Manjaro is suitable for both newcomers as well as experienced Linux users. For newcomers, a user-friendly installer is provided, and the system itself is designed to work fully ‘straight out of the box’ with
"Suitable for newcomers " and “handholding” are not the same.
Ultimately it depends on the user.
I have very little problem conjuring in my mind some ‘new user’ that can easily use manjaro.
Heck, my partner couldnt manually partition to save their life … but uses manjaro daily.
The point, as I see it, is that manjaro will not stop a new user from shooting themselves in the foot … while at the same time the system itself comes in a usable state with approachable documentation.
Manjaro is ‘suitable for newcomers’/‘accessible to newcomers’ … provided those newcomers are responsible system managers or willing to learn.
(none of which is to say ‘targeting linux newbies’ or ‘idiot proof’ or some other moniker)
Tbh as long as they read the announcement threads and take regular backups 99% of users will be fine.
I can certainly say I’ve hard far less issues with manjaro or any linux distro than i did with Windows
My partner also, as @cscs mentioned theirs, uses Manjaro, and like @cscs’s partner could not create a partition to save her life, but she uses Manjaro KDE daily. I occasionally have to remind her to check the updates, but that’s about it. The rest she works out for herself.
almost everything is said in the answers above. a little thing that might get to an impossible mission for newbies is the hardware. if you start as newbie with a computer which hardware is well supported you might feel very comfortable from the first moment. be aware that this can turn into nightmare if your computer is equipped with esoteric hardware that needs manual intervention. this will drive you mad especially as newbie. also keep in mind that manjaro is a rolling release that’s always coming with the latest stuff. this means it’s the good,bad and ugly at the same time. you have to deal with the fact that new software can fail or corrupt your working environment.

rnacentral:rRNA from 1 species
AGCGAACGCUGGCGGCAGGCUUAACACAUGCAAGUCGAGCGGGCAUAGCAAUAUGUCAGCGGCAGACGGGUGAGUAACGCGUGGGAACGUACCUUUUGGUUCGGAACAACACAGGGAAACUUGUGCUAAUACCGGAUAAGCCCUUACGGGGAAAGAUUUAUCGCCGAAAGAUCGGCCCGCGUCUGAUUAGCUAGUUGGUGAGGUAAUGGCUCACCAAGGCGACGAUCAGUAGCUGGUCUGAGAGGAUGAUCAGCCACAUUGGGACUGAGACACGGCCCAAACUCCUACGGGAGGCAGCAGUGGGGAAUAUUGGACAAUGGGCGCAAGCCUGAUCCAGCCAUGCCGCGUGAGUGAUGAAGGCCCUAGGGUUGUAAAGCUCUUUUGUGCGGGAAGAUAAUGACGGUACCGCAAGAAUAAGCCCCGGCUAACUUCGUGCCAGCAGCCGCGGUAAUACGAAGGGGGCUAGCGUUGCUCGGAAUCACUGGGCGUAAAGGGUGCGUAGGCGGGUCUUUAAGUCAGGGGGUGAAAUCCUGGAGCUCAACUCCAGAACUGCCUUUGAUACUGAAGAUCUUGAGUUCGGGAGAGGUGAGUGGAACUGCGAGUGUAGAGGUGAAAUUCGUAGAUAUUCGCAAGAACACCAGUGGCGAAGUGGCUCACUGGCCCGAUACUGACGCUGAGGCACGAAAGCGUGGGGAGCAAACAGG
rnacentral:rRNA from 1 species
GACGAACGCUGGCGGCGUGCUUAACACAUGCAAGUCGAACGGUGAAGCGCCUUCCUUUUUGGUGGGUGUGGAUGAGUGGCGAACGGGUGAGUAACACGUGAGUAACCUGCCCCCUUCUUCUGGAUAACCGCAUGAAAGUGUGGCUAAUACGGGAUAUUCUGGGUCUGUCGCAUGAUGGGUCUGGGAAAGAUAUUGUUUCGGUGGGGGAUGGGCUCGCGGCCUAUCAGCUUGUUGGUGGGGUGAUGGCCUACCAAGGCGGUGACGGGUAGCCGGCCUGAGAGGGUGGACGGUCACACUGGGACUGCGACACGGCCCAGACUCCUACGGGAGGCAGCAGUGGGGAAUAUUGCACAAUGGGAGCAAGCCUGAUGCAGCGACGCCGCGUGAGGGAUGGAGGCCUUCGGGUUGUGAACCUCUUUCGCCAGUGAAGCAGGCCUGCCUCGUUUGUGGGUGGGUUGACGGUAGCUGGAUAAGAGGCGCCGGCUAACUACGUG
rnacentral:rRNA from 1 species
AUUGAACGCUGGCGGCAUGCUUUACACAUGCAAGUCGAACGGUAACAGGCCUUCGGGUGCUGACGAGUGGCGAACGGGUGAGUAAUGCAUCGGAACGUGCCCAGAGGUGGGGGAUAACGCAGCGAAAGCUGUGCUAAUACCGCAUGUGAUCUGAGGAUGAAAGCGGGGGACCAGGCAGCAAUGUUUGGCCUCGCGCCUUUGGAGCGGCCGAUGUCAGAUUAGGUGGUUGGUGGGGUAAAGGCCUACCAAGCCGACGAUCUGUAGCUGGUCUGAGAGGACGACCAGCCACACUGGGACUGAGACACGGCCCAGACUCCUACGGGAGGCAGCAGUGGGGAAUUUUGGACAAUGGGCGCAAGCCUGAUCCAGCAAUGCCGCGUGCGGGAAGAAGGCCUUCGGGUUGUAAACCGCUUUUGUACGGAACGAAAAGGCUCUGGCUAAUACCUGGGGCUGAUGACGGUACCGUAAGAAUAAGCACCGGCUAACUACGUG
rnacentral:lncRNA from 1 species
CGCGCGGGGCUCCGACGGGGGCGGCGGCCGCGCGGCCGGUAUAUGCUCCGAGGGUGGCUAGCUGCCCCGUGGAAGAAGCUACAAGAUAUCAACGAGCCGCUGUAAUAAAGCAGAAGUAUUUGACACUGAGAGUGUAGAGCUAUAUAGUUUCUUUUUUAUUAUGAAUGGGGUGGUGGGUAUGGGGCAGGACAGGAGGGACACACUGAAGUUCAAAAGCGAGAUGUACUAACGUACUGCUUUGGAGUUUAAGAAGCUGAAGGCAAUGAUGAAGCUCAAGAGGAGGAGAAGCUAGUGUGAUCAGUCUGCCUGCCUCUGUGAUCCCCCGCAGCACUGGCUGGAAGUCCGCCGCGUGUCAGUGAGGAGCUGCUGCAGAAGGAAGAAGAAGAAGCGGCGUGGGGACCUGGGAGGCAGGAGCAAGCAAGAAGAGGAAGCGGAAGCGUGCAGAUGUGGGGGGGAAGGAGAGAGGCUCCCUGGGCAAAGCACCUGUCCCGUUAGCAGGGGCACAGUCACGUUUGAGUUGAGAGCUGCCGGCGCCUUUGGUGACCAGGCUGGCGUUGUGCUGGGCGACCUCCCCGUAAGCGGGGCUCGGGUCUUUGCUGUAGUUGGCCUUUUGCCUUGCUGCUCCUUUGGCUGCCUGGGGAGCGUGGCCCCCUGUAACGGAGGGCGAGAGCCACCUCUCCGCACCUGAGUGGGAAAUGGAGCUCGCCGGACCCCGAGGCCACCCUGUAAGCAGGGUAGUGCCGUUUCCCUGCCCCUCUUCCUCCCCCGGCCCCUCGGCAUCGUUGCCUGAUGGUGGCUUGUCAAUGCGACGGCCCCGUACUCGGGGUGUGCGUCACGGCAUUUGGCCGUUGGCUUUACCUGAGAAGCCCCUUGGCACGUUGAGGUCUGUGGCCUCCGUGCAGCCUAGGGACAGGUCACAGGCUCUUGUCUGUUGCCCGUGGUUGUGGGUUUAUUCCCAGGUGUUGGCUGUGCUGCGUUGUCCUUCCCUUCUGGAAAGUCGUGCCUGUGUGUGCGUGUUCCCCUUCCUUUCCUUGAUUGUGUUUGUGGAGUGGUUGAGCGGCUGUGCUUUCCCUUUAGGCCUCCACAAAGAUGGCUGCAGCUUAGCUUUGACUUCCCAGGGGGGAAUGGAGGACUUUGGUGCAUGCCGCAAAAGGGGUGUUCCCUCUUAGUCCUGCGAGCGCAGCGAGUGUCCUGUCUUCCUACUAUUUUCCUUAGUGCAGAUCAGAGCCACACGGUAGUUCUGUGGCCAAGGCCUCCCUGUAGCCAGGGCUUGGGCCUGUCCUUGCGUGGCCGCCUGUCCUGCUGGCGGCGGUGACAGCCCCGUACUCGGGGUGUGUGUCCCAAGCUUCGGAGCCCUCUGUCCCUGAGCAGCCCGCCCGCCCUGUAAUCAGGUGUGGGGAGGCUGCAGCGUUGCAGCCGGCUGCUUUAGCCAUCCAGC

if you wanna use a distro like manjaro (rolling release) then get used to discipline yourself by making regular backups ! it’s the most important thing that you use a backup-strategy (there are dozens of possible solutions). if you take this advice serious you’ll never have a complaint with manjaro or similar distros even if a update/upgrade sucks and brakes. otherwise you’ll hate it more soon than late
I would say absolutely yes: I find Manjaro a very straightforward and user-friendly Linux distribution, ironic indeed given it’s based on Arch which is for experts. Especially if you go for the KDE Plasma version you pretty much have a free and open-source version of Windows without any of the crazy stuff! Like anything Linux it’s good to learn basic console commands which I did slowly over time, this helps with rescuing a broken system or automating stuff with scripts, but it’s not an absolute necessity at all.
If you don’t have network shares, and stay with only ever using the base stuff, stable release, no AUR, then absolutely, yes.
This is my statement:
Imagine you had never touched a computer in your life, and you had to learn an os, learning windows, mac or manjaro (and some other linux distros) are the exact same burdon nowdays.
You can also take that statement as:
“If you are going to move away from one os to another for you completely unknown os, it would be the same amount to learn no matter what os you switch to”.
About a year back I knew nothing about Linux. Now I can manage Manjaro quite efficiently, thanks to this forum. If a newcomer has a learning attitude they will soon be able to use manjaro efficiently. I think Manjaro (especially KDE version) is the best there is.
Another aspect of this is how easy it is getting it to function with the hardware you got. My wife wanted something more “stable” on her second laptop that didn’t need updating so frequently.
So, I thought, why not try to install Debian 12. It proved to be totally impossible to get it to work with the Broadcom BCM43227 Wi-Fi chip, despite following the instructions to the point. Also tried to install OpenSuse Leap, problems were exactly the same. Then I gave up.
Manjaro makes this so easy and painless. Basically right-click, install and it just works.